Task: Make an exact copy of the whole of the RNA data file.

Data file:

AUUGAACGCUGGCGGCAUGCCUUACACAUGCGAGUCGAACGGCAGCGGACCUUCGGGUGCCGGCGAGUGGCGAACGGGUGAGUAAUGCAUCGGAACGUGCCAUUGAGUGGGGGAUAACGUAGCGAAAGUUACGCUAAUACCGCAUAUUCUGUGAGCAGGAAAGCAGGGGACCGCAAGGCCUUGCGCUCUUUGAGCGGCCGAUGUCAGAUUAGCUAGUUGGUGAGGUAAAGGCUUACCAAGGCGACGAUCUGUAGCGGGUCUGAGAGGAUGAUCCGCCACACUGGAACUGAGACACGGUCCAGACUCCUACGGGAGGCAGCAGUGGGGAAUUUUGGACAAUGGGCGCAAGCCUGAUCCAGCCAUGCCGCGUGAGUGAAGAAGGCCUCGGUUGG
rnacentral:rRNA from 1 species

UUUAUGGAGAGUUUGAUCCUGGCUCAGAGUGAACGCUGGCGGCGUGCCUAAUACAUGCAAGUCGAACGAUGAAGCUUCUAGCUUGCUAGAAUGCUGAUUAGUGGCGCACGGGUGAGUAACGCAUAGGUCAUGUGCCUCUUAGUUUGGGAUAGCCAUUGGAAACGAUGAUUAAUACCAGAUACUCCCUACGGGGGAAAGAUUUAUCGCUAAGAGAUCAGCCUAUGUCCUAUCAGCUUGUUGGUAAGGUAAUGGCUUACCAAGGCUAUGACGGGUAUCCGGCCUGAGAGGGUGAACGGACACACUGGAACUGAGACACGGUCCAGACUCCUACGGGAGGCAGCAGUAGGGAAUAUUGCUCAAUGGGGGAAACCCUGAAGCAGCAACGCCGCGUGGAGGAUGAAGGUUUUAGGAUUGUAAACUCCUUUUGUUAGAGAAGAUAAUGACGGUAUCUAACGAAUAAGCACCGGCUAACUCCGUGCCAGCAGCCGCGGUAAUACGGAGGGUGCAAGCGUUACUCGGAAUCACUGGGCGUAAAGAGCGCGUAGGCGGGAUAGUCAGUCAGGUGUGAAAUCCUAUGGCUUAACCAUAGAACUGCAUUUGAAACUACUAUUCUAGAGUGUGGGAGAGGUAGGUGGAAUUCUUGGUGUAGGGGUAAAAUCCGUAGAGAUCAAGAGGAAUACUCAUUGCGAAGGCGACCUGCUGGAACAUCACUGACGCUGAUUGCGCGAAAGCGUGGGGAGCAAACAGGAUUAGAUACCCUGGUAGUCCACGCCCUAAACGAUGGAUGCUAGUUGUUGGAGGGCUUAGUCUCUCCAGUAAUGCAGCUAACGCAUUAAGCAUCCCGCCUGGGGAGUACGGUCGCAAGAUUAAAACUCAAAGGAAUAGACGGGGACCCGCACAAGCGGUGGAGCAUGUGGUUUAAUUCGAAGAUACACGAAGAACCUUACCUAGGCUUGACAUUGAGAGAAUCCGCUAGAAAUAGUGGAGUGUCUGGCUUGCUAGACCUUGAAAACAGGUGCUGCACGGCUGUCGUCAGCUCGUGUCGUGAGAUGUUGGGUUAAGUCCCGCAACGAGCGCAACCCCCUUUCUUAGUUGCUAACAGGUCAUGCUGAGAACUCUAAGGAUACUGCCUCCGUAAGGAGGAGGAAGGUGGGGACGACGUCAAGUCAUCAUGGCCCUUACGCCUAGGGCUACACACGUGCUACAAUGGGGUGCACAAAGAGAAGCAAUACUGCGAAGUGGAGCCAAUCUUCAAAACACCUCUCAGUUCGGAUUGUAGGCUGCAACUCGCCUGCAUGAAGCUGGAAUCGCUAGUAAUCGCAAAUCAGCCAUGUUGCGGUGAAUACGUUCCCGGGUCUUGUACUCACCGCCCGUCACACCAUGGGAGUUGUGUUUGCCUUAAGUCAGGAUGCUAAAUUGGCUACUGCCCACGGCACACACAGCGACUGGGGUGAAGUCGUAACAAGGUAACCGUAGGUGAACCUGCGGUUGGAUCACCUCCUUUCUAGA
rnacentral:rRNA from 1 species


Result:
AUUGAACGCUGGCGGCAUGCCUUACACAUGCGAGUCGAACGGCAGCGGACCUUCGGGUGCCGGCGAGUGGCGAACGGGUGAGUAAUGCAUCGGAACGUGCCAUUGAGUGGGGGAUAACGUAGCGAAAGUUACGCUAAUACCGCAUAUUCUGUGAGCAGGAAAGCAGGGGACCGCAAGGCCUUGCGCUCUUUGAGCGGCCGAUGUCAGAUUAGCUAGUUGGUGAGGUAAAGGCUUACCAAGGCGACGAUCUGUAGCGGGUCUGAGAGGAUGAUCCGCCACACUGGAACUGAGACACGGUCCAGACUCCUACGGGAGGCAGCAGUGGGGAAUUUUGGACAAUGGGCGCAAGCCUGAUCCAGCCAUGCCGCGUGAGUGAAGAAGGCCUCGGUUGG
rnacentral:rRNA from 1 species

UUUAUGGAGAGUUUGAUCCUGGCUCAGAGUGAACGCUGGCGGCGUGCCUAAUACAUGCAAGUCGAACGAUGAAGCUUCUAGCUUGCUAGAAUGCUGAUUAGUGGCGCACGGGUGAGUAACGCAUAGGUCAUGUGCCUCUUAGUUUGGGAUAGCCAUUGGAAACGAUGAUUAAUACCAGAUACUCCCUACGGGGGAAAGAUUUAUCGCUAAGAGAUCAGCCUAUGUCCUAUCAGCUUGUUGGUAAGGUAAUGGCUUACCAAGGCUAUGACGGGUAUCCGGCCUGAGAGGGUGAACGGACACACUGGAACUGAGACACGGUCCAGACUCCUACGGGAGGCAGCAGUAGGGAAUAUUGCUCAAUGGGGGAAACCCUGAAGCAGCAACGCCGCGUGGAGGAUGAAGGUUUUAGGAUUGUAAACUCCUUUUGUUAGAGAAGAUAAUGACGGUAUCUAACGAAUAAGCACCGGCUAACUCCGUGCCAGCAGCCGCGGUAAUACGGAGGGUGCAAGCGUUACUCGGAAUCACUGGGCGUAAAGAGCGCGUAGGCGGGAUAGUCAGUCAGGUGUGAAAUCCUAUGGCUUAACCAUAGAACUGCAUUUGAAACUACUAUUCUAGAGUGUGGGAGAGGUAGGUGGAAUUCUUGGUGUAGGGGUAAAAUCCGUAGAGAUCAAGAGGAAUACUCAUUGCGAAGGCGACCUGCUGGAACAUCACUGACGCUGAUUGCGCGAAAGCGUGGGGAGCAAACAGGAUUAGAUACCCUGGUAGUCCACGCCCUAAACGAUGGAUGCUAGUUGUUGGAGGGCUUAGUCUCUCCAGUAAUGCAGCUAACGCAUUAAGCAUCCCGCCUGGGGAGUACGGUCGCAAGAUUAAAACUCAAAGGAAUAGACGGGGACCCGCACAAGCGGUGGAGCAUGUGGUUUAAUUCGAAGAUACACGAAGAACCUUACCUAGGCUUGACAUUGAGAGAAUCCGCUAGAAAUAGUGGAGUGUCUGGCUUGCUAGACCUUGAAAACAGGUGCUGCACGGCUGUCGUCAGCUCGUGUCGUGAGAUGUUGGGUUAAGUCCCGCAACGAGCGCAACCCCCUUUCUUAGUUGCUAACAGGUCAUGCUGAGAACUCUAAGGAUACUGCCUCCGUAAGGAGGAGGAAGGUGGGGACGACGUCAAGUCAUCAUGGCCCUUACGCCUAGGGCUACACACGUGCUACAAUGGGGUGCACAAAGAGAAGCAAUACUGCGAAGUGGAGCCAAUCUUCAAAACACCUCUCAGUUCGGAUUGUAGGCUGCAACUCGCCUGCAUGAAGCUGGAAUCGCUAGUAAUCGCAAAUCAGCCAUGUUGCGGUGAAUACGUUCCCGGGUCUUGUACUCACCGCCCGUCACACCAUGGGAGUUGUGUUUGCCUUAAGUCAGGAUGCUAAAUUGGCUACUGCCCACGGCACACACAGCGACUGGGGUGAAGUCGUAACAAGGUAACCGUAGGUGAACCUGCGGUUGGAUCACCUCCUUUCUAGA
rnacentral:rRNA from 1 species